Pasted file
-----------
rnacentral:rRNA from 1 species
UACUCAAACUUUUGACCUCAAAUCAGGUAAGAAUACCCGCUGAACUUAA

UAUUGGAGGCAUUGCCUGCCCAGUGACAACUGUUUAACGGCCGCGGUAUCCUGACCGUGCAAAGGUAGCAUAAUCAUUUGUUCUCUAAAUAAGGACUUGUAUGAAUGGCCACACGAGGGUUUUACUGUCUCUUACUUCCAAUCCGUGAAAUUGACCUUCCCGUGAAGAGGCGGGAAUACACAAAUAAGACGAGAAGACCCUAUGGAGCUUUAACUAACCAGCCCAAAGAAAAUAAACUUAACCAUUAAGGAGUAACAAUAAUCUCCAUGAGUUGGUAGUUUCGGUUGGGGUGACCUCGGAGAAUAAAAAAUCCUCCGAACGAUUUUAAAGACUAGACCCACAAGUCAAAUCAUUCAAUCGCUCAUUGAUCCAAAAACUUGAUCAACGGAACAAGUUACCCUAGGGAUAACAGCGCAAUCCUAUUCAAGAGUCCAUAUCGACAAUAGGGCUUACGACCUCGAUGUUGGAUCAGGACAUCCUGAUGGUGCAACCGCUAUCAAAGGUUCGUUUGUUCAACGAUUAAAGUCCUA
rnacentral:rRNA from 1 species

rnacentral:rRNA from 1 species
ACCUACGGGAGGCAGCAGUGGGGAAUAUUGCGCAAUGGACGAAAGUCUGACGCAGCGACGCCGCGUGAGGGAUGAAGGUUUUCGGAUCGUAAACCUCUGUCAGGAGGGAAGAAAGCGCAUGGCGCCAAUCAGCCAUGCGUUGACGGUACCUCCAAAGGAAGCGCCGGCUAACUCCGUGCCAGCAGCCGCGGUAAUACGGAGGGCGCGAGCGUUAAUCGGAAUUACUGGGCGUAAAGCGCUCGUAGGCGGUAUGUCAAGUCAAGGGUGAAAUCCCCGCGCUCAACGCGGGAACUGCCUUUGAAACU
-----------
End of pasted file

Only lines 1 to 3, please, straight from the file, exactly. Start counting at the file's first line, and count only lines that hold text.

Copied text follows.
rnacentral:rRNA from 1 species
UACUCAAACUUUUGACCUCAAAUCAGGUAAGAAUACCCGCUGAACUUAA

UAUUGGAGGCAUUGCCUGCCCAGUGACAACUGUUUAACGGCCGCGGUAUCCUGACCGUGCAAAGGUAGCAUAAUCAUUUGUUCUCUAAAUAAGGACUUGUAUGAAUGGCCACACGAGGGUUUUACUGUCUCUUACUUCCAAUCCGUGAAAUUGACCUUCCCGUGAAGAGGCGGGAAUACACAAAUAAGACGAGAAGACCCUAUGGAGCUUUAACUAACCAGCCCAAAGAAAAUAAACUUAACCAUUAAGGAGUAACAAUAAUCUCCAUGAGUUGGUAGUUUCGGUUGGGGUGACCUCGGAGAAUAAAAAAUCCUCCGAACGAUUUUAAAGACUAGACCCACAAGUCAAAUCAUUCAAUCGCUCAUUGAUCCAAAAACUUGAUCAACGGAACAAGUUACCCUAGGGAUAACAGCGCAAUCCUAUUCAAGAGUCCAUAUCGACAAUAGGGCUUACGACCUCGAUGUUGGAUCAGGACAUCCUGAUGGUGCAACCGCUAUCAAAGGUUCGUUUGUUCAACGAUUAAAGUCCUA